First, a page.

Similarly, the rest of the world used to envy America’s infrastructure, which was largely financed with public money. But now we invest only 2 percent of our GDP in it—pennies relative to China’s 9 percent and the European Union’s 5 percent. And while China’s high percentage reflects its intent to overcome an enormous infrastructure deficit, that figure will still probably level out at a higher percentage than that of the United States in the next several years.
As hybrid goods, public universities appropriately receive taxpayer support as well as tuition support from students. Yet the balance between those two forms of support has also shifted over the last several decades. In 1970, for example, the government contribution to public universities’ total revenue was nearly 60 percent, while that of student tuition was only about 15 percent. But, as of 2009, the government contribution had fallen to 25 percent of public universities’ total revenue. And while in that same year student tuition—at 19 percent of that total revenue—remained closer to its 1970 figure, the percentage is higher and will probably continue to climb.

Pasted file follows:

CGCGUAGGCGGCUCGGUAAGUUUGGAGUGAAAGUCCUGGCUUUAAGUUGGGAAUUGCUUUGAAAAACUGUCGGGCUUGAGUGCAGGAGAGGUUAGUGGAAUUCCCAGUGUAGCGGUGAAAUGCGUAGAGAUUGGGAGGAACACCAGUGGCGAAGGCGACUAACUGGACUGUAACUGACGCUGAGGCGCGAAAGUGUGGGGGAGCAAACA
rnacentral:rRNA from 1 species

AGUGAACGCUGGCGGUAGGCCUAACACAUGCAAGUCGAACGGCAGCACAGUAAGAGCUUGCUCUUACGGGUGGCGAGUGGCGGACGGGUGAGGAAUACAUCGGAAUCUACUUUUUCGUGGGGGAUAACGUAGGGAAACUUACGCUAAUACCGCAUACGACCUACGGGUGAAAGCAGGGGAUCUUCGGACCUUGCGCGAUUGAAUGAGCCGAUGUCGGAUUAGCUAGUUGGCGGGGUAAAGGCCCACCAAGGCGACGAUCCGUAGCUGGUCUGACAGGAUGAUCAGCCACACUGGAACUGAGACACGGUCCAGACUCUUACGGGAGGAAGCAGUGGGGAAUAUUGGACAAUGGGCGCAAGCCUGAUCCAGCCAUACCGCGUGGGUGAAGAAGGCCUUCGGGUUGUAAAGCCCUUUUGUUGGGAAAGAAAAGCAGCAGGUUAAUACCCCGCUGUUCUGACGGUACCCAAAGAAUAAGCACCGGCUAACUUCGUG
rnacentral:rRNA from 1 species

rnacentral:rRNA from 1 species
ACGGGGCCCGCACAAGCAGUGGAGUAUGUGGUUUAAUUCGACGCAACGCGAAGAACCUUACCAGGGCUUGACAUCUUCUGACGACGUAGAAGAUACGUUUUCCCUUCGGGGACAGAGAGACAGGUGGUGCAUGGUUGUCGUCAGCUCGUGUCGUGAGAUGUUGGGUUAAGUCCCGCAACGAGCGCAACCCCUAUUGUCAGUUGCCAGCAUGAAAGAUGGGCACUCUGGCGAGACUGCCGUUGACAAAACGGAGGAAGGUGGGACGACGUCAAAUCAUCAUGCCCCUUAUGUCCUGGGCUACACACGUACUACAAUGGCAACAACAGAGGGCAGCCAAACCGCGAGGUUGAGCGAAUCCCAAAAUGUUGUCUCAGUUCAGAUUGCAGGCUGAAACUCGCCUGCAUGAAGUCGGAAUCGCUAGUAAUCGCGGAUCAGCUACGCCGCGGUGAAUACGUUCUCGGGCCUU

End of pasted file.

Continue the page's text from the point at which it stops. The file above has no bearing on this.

In the past, the balance between taxpayer support and tuition support tilted towards the former for some important reasons. As I wrote in Trusteeship nearly 20 years ago, 20th-century state governments and public research universities developed an extraordinary compact. In return for financial support from taxpayers, universities agreed to keep tuition low and to provide access for students from a broad range of economic backgrounds. They would also train graduate and professional students, promote arts and culture, help solve problems in the community, and perform groundbreaking research.